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This article was written by Kathryn Sampias

Kathryn Sampias has a Bachelor of Laws, a Bachelor of Arts and a Graduate Diploma in Journalism. Kathryn was admitted to practice in 2005 and practised law for more than eight years, working both in private practice (mainly in defence litigation for professional indemnity disputes) and in the public service for the Australian Securities and Investments Commission (ASIC) in enforcement.

Copyright Act and Digital Piracy


The Copyright Act governs the ownership of intellectual property in certain works and materials. These include artistic, dramatic, literary (which includes computer programs or electronic databases), and musical works which may be found in broadcasts, sound recordings, films (including videos) or published designs.

For a person to own copyright in something they do not have to formally request or register protection. Ownership of copyright is something that is automatically granted when an original work is made. This is unlike protections that are obtained through the holding of patents or trademarks.

A copyright is held in an actual work as opposed to the medium in which it is published.

Changes since the Copyright Act was passed

The law of copyright was enshrined in law by the Copyright Act 1968.  At the time this act was passed the way in which works were created and distributed was very different to the way they are today. The internet was not a part of daily life. Most artistic, dramatic, literary and musical works were stored in different forms to what they are today e.g. vinyl albums and hard copy books as opposed to digital files containing music or literary works. This has meant that over time amendments have been made to Copyright Act 1968 to reduce digital piracy of breaches of copyright through digital or electronic formats.

Digital Piracy in the past two decades

Perhaps the earliest and most famous example of breach of copyright through digital means was the legal case involving Napster.  Napster was a website that allowed peer sharing of MP3 files of music, thus facilitating digital piracy.  In July 2000 Napster was ordered to shut down its website. The website was officially shut down in July 2001.

More recent examples of digital piracy include the illegal downloading of videos or films. In 2014 season four of Game of Thrones set a record for digital piracy.  More than one million copies of the show were downloaded illegally worldwide. More than 10% of that digital piracy occurred in Australia.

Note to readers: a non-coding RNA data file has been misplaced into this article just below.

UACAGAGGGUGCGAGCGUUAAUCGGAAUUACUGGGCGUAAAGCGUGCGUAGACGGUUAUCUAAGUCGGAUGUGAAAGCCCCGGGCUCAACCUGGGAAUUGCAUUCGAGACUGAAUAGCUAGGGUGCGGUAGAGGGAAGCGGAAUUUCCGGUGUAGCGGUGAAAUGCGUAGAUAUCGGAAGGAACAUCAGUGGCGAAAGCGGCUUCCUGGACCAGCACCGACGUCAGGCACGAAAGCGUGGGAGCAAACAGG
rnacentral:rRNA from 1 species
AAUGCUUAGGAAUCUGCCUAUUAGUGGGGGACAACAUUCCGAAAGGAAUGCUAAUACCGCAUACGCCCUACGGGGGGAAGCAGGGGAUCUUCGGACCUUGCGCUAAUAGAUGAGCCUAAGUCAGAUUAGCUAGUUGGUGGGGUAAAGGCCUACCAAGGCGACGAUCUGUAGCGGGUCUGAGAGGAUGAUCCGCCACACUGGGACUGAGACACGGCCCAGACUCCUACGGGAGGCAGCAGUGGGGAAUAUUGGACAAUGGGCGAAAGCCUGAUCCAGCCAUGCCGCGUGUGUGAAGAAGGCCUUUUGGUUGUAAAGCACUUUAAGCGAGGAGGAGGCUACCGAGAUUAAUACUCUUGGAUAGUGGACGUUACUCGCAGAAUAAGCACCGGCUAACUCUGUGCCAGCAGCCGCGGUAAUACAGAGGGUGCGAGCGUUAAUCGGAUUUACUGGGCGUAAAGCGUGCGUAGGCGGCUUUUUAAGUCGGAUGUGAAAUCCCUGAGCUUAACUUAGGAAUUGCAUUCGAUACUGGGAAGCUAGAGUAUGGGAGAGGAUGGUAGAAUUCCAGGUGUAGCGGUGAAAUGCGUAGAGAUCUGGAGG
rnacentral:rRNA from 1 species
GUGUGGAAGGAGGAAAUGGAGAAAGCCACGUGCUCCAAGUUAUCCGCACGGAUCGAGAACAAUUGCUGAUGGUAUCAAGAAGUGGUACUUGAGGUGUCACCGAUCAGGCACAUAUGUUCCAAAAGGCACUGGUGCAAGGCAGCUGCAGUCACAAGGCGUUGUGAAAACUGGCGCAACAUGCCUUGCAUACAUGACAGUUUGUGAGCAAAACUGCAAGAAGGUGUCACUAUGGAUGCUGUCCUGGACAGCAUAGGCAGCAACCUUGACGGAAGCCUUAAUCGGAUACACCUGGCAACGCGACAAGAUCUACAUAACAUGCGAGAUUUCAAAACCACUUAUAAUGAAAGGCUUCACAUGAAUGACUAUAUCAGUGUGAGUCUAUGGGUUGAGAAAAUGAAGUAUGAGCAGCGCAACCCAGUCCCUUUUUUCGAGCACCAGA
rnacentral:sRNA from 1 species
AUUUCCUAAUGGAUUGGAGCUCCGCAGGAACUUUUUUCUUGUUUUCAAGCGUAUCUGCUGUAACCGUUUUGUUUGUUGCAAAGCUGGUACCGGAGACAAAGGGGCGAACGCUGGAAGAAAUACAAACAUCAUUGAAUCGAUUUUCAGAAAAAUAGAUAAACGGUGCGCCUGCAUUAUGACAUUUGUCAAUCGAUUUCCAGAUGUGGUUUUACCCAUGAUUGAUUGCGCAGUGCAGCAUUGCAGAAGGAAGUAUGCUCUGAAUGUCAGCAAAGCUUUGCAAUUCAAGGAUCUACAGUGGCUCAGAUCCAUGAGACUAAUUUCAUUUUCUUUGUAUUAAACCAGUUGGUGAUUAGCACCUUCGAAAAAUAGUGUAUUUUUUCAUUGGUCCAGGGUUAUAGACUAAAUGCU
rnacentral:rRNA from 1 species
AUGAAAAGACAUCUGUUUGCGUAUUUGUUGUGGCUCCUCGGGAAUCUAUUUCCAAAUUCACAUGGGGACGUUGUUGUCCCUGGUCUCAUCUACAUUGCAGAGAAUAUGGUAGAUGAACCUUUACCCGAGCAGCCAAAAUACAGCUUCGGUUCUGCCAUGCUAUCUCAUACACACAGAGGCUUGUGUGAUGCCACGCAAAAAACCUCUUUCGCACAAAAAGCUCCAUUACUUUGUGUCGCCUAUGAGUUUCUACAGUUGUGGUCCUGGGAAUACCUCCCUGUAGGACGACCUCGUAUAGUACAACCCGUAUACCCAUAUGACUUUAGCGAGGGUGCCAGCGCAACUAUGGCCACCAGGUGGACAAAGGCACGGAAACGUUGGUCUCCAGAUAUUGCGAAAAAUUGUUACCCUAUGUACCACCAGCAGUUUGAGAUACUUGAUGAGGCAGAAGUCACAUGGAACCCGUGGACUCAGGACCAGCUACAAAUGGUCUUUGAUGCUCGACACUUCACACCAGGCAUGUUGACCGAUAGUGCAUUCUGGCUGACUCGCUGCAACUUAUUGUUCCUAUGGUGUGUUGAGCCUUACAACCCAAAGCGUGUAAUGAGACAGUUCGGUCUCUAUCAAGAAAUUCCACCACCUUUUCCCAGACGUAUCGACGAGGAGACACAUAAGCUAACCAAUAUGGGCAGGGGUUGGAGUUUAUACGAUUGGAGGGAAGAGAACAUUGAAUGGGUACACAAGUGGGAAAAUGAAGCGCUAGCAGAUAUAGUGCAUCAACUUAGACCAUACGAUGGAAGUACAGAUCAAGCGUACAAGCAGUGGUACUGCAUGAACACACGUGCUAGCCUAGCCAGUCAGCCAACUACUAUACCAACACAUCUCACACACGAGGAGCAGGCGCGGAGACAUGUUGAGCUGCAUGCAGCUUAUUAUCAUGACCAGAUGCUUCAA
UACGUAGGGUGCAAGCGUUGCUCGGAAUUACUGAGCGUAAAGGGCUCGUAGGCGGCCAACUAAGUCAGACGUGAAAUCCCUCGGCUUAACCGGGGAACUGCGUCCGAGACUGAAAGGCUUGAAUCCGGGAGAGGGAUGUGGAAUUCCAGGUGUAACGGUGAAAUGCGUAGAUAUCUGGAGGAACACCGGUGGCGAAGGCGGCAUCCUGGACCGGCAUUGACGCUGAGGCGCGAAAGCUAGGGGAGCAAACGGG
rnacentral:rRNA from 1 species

Amendments to the Copyright Act 1968 to limit Digital Piracy

The Copyright Act 1968 has been amended over time to account for changes in technology that altered the way in which copyrighted material was distributed illegally and to reduce digital piracy. In 2015 section 115A was introduced to the Copyright Act.  This section allows for a copyright owner to seek an injunction to stop an internet service provider from hosting a site that is allowing digital piracy of their material.  A copyright owner can use this injunction to also block proxy and mirror sites without having to apply again for a further injunction.

The Australian Government amended the Copyright Act 1968 and introduced s 115A in 2015 to tackle the relentless online piracy problem. The amendments allow a copyright owner to make an application to the Federal Court for an injunction to require a Carriage Service Provider (CSP) to disable access to an overseas online location that infringes the copyright. These sanctions seem to have had a significant effect. In 2018 further amendments were introduced that allowed search engines to be subject to similar injunctions. Under these amendments, search engines cannot allow a website to be found in their search results where it had been one a court had found to have been facilitating digital piracy.

Roadshow Films Pty Ltd v Telstra Corporation Ltd [2016] FCA 1503

Roadshow Films Pty Ltd v Telstra Corporation Ltd was the first case where an injunction was obtained under the 2015 amendments to the Copyright Act. In that case, Roadshow Films sought orders for the respondents (which included Telstra Corporation) to disable access to locations where copyrighted material could be accessed.

The orders the court granted were that:

  • Within fifteen business days the respondents were to take steps to disable the locations;
  • The locations would be disabled by the respondents for a period of three years; and
  • The applicants were to pay the compliance costs associated with disabling the locations.

Have the amendments to the Copyright Act been effective?

The amendments that were made to the Copyright Act in order to prevent digital privacy have been considered somewhat effective. The first injunction that was granted under the 2015 amendment was granted in 2016 and since that time many injunctions have been granted to close down both sites and domains facilitating digital piracy. There has correspondingly been a reduction in the amount of digital piracy. Paid digital streaming services have increased their revenue. However, despite these improvements, it appears that digital piracy is still widespread in Australia. Those engaging in digital piracy have been able to use VPNs that allow them to access sites that may have been blocked in Australia through the injunctions obtained under the Copyright Act.

If you require legal advice or representation in any legal matter please contact Armstrong Legal. 

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